11 December 2017
Consumer group CHOICE is calling for reform to help clear up the confusion around out-of-pocket costs for common surgeries.
"Despite paying increasing health insurance premiums each year, it can come as a rude shock to private hospital patients when they're slugged with hefty medical bills if they need surgery," says CHOICE Director of Campaigns and Communications, Erin Turner.
"What's worse, working out how much you'll be out of pocket to avoid such costs can be completely perplexing and sometimes impossible."
A CHOICE mystery shop of 60 surgeons' offices around Australia found just 17 would give a clear indication of the out-of-pocket costs for a single knee replacement, cataract surgery or tonsil removal.
"One-third of the surgeon's receptionists wouldn't help with a cost estimate, with a small number even declining to make an appointment without getting a faxed referral from the GP. This means patients need to spend even more time and money shopping around than if they had the costs upfront," says Ms Turner.
"With the average gap payment for knee surgery varying from $397 for South Australian patients to a staggering $2600 for ACT patients, consumers deserve to know how much they will have to fork out.
"There's also no evidence of any link between the cost of a medical procedure and its quality or outcome. In short, you could be thousands of dollars out-of-pocket at a pricey specialist and have a worse outcome than you would from a specialist who charges a lower fee that's fully covered by your private health insurance," says Ms Turner.
"Instead of being left powerless when they're sick or at their most vulnerable, better transparency within the industry would help people know what to expect."
CHOICE is calling on doctors and the health insurance industry to provide better information to consumers to help them shop around.
"Right now, people aren't able to easily control their health costs when they use the private system. The system needs to change to give patients clear information at the right time, not when it's convenient for surgeons, hospitals or health insurers.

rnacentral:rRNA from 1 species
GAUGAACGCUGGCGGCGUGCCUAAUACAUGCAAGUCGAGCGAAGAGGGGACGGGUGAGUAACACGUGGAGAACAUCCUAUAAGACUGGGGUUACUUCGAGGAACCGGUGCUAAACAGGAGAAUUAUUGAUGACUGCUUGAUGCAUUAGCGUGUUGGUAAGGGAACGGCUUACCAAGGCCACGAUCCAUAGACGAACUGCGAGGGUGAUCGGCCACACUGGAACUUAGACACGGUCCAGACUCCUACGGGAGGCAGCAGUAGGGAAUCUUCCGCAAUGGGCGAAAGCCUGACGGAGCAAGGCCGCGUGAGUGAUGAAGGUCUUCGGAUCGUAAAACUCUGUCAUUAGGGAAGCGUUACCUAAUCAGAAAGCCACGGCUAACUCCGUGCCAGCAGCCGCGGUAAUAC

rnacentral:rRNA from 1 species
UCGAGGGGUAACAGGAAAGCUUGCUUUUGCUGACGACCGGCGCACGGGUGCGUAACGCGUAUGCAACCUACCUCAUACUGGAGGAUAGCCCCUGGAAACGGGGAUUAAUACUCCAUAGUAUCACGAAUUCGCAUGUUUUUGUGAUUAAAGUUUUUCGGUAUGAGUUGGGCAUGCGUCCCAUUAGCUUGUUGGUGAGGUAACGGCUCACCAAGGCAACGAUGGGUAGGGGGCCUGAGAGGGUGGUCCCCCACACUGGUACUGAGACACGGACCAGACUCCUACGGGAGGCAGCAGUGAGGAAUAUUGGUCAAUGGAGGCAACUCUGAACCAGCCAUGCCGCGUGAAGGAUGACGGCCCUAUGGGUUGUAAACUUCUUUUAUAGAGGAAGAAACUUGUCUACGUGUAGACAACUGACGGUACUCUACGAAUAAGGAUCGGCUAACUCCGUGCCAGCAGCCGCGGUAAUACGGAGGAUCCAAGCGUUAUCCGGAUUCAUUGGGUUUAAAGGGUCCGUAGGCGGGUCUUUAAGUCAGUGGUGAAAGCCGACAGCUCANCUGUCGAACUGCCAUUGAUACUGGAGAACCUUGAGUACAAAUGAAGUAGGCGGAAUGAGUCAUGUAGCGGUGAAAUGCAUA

"Patients in need of surgery are vulnerable and might be in pain, it's difficult for them to shop around and bargain with a doctor who soon holds their life in their hands. That's why we need a better system that protects patients getting surgery in the private system," says Ms Turner.
"Average prices for common procedures such as knee replacement surgery, gall bladder, colonoscopy and tonsils should be publicly available. People should be able to find out before waiting weeks or months for an appointment if the surgeon is likely to charge them an out-of-pocket cost.
CHOICE is also urging health funds to be more transparent and make it easier for consumers to compare between them.
"The amount health funds pay surgeons for the same procedures varies, so while you might pay no or low out-of-pocket costs with one insurer, you might be out hundreds of dollars with another," says Ms Turner.
How to save money on surgeons' fees
- Ask your GP if there are likely to be any out-of-pocket costs with the surgeon they refer you to.
- Ask your GP for the names of a range of specialists so you can call and compare before making an appointment
- Ask your health fund if you have to pay an excess or co-payment, and which surgeons your insurer has agreements with
- Talk about costs early on with your surgeon, including fees for any other doctors involved such as an assistant surgeon and anesthetist
Stefanie Menezes, CHOICE Media and Communications Advisor: 0430 172 669